THE BOTTOM-LINE DIVIDE: Vanity vs. Value
It’s very important that we choose metrics that really matter in terms of being helpful — or even fundamental — to growing our donor database and our income.
I divide data between what I call “vanity metrics” and “value metrics.” The distinction between these types of metrics lies in the question:
“What would I do differently based on the information provided by that metric?”
If that question doesn’t arise around the data you’re collecting, you probably shouldn’t be spending time or money to collect and analyse them.
In essence, part of the problem with “vanity metrics” is that nobody does anything with them.
More importantly, and dangerously, “vanity metrics” are often used to drive absolutely bad decisions. For example: “If I spend more on online search advertising, can I drive up the number of website visitors?”
A largely meaningless strategy. A largely meaningless result!
Some great examples of vanity metrics
Benchmarks. My complaint with benchmarking is that few organizations use it as a questioning metric to guide or develop new actions. I applaud use of benchmarks and the organizations that do use it for that purpose.
Unfortunately, too many fundraisers use benchmark as a proud justification for doing nothing except boasting to their board or CEO. As in “we’re doing great! We’re above average in the benchmark for retention.”
If ever a worthy metric concept was misapplied for the sake of vanity, it’s the benchmark. In the social media age, here are some vanity metrics I’m sure you’ve heard bandied about day after day ad nauseum:
Number of hits. A fossil from the early days of the web. If you have a big site with many elements, there will be lots and lots of hits. So what? Better to count the actual number of people involved. I.e., number of page views.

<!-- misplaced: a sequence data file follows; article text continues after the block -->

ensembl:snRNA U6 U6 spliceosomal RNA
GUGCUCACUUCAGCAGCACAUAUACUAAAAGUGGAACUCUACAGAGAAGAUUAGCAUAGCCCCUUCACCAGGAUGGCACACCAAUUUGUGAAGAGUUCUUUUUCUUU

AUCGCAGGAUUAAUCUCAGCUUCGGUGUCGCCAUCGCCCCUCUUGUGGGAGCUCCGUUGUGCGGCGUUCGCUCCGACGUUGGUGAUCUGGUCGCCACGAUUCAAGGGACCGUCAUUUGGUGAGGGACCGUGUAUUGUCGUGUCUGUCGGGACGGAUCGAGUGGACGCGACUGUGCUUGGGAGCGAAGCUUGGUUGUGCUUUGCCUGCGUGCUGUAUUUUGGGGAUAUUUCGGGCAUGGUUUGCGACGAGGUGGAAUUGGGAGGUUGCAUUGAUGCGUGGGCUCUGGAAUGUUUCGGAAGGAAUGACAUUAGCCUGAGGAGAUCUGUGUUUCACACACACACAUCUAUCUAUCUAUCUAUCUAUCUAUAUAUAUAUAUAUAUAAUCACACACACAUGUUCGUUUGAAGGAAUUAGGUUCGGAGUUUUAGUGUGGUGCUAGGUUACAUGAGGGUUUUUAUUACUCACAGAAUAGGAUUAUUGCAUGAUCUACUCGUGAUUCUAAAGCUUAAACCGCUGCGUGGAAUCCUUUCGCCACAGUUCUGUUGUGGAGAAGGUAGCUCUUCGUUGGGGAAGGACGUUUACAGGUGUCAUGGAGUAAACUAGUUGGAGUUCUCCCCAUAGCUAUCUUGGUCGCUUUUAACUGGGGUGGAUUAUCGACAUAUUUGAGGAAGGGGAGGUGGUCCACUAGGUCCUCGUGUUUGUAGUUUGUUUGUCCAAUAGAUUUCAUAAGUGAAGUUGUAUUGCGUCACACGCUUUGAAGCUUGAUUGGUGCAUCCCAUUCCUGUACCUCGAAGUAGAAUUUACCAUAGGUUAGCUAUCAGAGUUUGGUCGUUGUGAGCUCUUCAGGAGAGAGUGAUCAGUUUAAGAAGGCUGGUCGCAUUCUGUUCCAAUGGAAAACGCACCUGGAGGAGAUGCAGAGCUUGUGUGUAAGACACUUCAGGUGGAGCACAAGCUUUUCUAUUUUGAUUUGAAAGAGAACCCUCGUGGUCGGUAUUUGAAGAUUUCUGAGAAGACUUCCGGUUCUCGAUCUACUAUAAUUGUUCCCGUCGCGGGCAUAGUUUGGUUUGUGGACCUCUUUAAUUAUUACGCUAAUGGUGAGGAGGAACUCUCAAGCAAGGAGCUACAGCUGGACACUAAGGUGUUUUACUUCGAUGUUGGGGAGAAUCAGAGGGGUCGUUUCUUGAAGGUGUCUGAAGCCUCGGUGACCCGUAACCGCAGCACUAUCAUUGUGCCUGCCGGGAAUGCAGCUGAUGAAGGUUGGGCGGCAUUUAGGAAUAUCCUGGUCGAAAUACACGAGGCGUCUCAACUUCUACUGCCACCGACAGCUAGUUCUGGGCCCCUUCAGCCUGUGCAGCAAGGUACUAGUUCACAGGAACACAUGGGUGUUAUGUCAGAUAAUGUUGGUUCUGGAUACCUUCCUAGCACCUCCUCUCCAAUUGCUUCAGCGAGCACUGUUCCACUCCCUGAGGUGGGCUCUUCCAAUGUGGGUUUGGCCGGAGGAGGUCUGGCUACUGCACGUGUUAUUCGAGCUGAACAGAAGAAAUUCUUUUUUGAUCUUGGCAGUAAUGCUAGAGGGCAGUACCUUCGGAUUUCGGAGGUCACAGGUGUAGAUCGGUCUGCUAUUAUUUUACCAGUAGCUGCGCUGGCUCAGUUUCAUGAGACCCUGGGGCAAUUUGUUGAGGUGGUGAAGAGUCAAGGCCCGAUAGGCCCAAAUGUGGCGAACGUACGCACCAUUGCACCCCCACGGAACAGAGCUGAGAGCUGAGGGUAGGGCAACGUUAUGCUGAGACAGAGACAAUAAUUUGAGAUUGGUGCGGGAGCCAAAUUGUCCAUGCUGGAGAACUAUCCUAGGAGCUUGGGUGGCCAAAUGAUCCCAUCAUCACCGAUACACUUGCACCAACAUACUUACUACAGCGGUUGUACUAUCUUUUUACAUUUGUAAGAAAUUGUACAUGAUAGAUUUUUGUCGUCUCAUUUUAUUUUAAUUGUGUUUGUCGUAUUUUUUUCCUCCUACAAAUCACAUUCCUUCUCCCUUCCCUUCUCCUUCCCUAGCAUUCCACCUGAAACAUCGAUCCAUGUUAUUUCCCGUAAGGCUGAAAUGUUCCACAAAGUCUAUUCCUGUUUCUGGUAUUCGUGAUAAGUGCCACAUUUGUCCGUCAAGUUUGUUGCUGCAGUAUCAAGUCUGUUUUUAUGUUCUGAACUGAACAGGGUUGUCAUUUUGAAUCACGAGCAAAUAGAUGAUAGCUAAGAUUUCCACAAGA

Number of visits or number of unique visitors. Sheds no light on why they visited, why they stick around, why they left. Pretty much worthless.
Number of likes, friends, followers. Simply a popularity contest. Only if you know how many followers will take action when you make a request do you really have an actual metric. Most organizations don’t use it this way.
Another of my pet vanity metrics, which will surprise some, is acquisition response rate.
An amazing number of direct response fundraisers measure “success” or “failure” by response rates as in “our rival’s acquisition gets only a .65% rate and we get 1.2%!”
Pretty much worthless because it tells you only how a specific campaign went, and raises almost no “what should I do differently” questions, other than “what should I do differently to get the response rate up?”
[“GUILTY!” I murmured into my upturned winter collar. A cold day getting colder.]
What all this reflects is a singular obsession [Go, Roger!] with nothing but campaign metrics and various manipulations that produce only variations on the same numbers. Columns and columns of redundant, non-useful metrics – – created by just switching around the numerator and denominator of response rate, average gift, average cost AND…that magic output: cost to raise a dollar.